Fluoroscopy is a continuous-X-ray-imaging procedure that produces a video of body structures in motion. During fluoroscopy, X-ray beams are passed through the region of the body being examined, and the moving images produced are transmitted to a monitor. In this way, the targeted area can be viewed in detail. Fluoroscopy is an effective tool for medical evaluations of the functioning of almost all the body’s systems, including the digestive, urinary, cardiovascular, respiratory, musculoskeletal and reproductive. Fluoroscopy can be used on its own as a diagnostic tool, or in combination with other diagnostic or therapeutic procedures.
Reasons For Fluoroscopy
There are many reasons that fluoroscopy is performed, including to highlight problems with the following:
- Upper GI tract
- Lower GI tract
- Heart and blood flow
- Neurological system
- Urinary tract
- Uterus and fallopian tubes
It is also used in percutaneous vertebroplasty, a procedure used to treat compression spine fractures.
The Fluoroscopy Procedure
Before undergoing fluoroscopy, patients ingest a contrast material called barium, or have barium administered by some other means. How and where barium is administered depends on the area of the body to be examined, because barium works by coating and highlighting the targeted area. Barium is swallowed to provide a view of the upper digestive tract; administered by enema for a view of the lower digestive tract; delivered by catheter in order to view the urinary tract or bile ducts; and given intravenously in order to view blood vessels.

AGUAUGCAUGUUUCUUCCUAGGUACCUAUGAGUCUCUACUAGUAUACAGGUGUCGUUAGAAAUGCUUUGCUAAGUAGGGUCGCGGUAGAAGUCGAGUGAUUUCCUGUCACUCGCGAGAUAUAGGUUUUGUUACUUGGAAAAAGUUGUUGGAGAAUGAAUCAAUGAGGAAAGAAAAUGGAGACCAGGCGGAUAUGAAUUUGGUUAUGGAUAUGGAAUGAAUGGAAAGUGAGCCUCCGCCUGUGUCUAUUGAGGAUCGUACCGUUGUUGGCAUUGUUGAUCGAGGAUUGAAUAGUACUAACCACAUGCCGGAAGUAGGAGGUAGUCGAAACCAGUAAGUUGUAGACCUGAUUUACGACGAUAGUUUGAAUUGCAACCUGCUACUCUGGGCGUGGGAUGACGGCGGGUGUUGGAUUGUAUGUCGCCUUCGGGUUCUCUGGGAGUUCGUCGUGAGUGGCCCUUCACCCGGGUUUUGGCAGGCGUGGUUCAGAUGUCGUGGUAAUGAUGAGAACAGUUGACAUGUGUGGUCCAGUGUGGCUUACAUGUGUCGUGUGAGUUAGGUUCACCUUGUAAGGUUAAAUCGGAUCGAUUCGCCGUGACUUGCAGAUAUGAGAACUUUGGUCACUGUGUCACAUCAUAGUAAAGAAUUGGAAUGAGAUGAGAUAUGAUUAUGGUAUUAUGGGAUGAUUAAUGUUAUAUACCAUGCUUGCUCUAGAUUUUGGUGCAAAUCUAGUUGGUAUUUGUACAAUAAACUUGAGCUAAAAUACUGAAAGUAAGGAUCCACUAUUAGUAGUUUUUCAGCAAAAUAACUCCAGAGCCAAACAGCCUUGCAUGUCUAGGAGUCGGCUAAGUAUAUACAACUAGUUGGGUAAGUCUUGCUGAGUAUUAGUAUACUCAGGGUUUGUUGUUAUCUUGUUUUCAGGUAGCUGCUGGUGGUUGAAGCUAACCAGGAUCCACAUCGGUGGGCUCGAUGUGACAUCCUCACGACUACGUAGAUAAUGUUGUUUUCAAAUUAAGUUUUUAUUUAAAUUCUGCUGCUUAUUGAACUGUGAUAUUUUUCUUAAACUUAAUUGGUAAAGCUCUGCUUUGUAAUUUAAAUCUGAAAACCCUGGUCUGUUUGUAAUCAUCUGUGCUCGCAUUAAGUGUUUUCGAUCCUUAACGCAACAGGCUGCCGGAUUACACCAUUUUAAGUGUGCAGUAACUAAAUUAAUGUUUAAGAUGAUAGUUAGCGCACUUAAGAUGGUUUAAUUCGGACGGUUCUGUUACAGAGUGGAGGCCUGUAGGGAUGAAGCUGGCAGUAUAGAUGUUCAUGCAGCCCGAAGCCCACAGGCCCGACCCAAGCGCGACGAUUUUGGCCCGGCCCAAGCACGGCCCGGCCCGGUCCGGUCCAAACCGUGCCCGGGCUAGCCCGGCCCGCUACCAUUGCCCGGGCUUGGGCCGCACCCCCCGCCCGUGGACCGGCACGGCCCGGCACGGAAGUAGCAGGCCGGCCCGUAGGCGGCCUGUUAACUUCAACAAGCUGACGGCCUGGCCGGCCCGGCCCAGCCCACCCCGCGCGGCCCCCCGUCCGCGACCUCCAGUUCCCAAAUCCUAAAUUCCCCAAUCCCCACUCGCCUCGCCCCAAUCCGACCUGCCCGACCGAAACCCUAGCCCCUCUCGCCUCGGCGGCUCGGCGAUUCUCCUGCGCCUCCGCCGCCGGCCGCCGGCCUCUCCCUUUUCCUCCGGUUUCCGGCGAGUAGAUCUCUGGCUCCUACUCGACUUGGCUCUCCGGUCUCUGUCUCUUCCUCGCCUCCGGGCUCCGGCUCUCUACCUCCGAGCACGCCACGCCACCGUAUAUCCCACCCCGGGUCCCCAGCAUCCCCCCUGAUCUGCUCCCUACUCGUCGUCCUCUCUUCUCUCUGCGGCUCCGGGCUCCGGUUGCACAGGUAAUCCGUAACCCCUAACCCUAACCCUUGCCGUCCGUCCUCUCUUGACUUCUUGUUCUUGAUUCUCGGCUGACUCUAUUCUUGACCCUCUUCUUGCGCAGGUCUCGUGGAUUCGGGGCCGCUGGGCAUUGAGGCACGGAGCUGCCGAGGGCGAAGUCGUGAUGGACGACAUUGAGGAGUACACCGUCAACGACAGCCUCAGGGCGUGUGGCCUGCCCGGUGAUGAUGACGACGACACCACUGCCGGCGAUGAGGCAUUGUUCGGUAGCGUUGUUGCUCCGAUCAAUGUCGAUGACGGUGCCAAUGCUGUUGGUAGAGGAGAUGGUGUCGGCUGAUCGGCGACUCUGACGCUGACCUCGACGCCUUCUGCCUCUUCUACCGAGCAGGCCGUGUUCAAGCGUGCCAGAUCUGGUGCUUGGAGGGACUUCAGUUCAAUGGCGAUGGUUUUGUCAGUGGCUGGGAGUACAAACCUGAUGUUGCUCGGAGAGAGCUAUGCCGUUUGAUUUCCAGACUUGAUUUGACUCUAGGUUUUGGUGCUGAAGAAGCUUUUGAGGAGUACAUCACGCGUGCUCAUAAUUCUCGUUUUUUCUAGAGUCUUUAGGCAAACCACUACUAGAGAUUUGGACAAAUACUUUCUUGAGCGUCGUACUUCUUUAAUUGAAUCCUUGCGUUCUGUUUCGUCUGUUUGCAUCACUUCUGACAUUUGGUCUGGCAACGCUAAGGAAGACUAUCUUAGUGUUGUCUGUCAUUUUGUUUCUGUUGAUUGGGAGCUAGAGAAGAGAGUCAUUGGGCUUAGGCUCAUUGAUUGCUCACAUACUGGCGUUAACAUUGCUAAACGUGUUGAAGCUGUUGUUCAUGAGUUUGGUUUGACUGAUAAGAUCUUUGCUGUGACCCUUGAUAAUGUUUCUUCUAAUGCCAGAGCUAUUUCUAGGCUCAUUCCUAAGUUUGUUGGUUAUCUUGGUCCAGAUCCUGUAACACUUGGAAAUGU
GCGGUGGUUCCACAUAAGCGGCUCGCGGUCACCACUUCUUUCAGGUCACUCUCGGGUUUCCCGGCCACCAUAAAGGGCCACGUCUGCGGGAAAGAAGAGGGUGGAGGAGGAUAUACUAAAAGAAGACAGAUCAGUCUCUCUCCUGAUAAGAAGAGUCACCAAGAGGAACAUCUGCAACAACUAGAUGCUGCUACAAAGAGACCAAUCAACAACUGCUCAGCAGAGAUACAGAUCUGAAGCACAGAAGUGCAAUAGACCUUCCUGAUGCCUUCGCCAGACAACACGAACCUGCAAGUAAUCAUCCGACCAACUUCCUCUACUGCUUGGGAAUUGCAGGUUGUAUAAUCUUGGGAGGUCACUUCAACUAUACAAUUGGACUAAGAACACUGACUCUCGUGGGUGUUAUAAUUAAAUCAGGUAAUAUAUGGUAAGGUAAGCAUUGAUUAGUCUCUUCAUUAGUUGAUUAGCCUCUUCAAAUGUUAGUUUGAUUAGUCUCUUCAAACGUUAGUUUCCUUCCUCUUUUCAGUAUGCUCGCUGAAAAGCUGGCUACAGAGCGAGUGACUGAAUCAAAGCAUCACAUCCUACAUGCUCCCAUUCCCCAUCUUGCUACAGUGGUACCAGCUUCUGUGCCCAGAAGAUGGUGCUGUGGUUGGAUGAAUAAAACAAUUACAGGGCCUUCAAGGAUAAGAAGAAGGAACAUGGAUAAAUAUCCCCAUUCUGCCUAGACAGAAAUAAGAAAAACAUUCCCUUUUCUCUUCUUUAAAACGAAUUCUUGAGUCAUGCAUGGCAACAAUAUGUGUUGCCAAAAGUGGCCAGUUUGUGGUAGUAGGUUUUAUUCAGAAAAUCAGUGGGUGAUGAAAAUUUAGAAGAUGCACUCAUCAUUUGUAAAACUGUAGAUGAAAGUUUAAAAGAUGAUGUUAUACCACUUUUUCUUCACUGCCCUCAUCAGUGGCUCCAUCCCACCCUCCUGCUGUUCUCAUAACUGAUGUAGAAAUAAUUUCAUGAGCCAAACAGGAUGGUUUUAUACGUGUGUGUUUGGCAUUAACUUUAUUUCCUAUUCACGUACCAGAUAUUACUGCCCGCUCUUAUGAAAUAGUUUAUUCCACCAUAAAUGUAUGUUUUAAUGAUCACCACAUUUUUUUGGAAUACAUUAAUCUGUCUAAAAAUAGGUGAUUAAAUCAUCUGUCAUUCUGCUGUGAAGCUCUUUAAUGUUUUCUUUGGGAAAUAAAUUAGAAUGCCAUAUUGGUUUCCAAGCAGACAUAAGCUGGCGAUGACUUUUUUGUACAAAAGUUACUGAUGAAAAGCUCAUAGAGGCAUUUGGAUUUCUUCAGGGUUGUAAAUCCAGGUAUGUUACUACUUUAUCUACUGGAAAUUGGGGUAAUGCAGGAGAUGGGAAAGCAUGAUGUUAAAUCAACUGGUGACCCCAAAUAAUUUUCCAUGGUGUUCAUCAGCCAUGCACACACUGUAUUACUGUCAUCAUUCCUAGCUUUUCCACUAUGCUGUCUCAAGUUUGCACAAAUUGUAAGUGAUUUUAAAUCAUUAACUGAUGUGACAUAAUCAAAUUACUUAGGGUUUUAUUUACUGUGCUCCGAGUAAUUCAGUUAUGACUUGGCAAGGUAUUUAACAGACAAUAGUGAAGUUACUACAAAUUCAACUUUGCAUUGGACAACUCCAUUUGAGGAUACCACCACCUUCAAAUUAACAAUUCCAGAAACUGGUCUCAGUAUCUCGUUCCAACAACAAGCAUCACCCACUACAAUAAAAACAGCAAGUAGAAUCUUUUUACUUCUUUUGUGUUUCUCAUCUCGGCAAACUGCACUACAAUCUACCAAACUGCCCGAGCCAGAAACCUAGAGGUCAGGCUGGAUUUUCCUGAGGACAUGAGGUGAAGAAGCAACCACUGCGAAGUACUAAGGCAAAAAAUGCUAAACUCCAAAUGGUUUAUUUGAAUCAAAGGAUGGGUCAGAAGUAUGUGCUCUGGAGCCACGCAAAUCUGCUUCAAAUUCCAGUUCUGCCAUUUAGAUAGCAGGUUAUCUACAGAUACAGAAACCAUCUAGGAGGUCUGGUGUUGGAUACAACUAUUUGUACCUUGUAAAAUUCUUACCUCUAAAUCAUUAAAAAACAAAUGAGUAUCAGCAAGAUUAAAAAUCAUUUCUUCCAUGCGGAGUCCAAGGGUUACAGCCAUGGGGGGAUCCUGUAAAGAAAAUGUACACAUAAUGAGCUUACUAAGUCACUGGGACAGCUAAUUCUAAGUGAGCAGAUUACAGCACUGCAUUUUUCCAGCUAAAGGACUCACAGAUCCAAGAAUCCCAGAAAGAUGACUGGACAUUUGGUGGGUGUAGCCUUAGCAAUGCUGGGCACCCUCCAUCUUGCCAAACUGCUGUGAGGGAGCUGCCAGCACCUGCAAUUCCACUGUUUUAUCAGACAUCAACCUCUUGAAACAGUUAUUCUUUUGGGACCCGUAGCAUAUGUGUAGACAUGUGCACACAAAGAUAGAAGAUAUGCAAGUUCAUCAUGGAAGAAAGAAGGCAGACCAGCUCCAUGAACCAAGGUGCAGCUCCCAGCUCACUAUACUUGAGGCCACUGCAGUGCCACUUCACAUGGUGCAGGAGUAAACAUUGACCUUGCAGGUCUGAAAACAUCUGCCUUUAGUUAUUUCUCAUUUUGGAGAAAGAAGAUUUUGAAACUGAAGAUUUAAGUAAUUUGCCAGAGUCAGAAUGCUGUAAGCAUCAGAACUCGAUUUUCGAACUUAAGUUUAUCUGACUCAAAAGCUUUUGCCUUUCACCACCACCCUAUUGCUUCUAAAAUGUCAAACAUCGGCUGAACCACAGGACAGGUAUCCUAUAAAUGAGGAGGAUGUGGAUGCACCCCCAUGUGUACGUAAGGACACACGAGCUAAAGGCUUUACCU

Risks Of Fluoroscopy
Fluoroscopy is generally considered safe, though, like other X-ray procedures, it involves some risks. Women who are pregnant or breastfeeding are usually advised to undergo a different type of imaging examination. The radiation dose received varies from one individual to another and, therefore, so does the level of risk. Most of the time, the danger is statistically minimal. In some cases, however, the risk is elevated because a relatively high radiation dose is involved. This is particularly true when a stent or other device must be precisely placed in the body, exposing the patient to radiation for a longer period of time.
The immediate risks of radiation absorbed through fluoroscopy include radiation burns to the skin and underlying tissue. There is also some risk that a radiation-precipitated malignancy may later develop.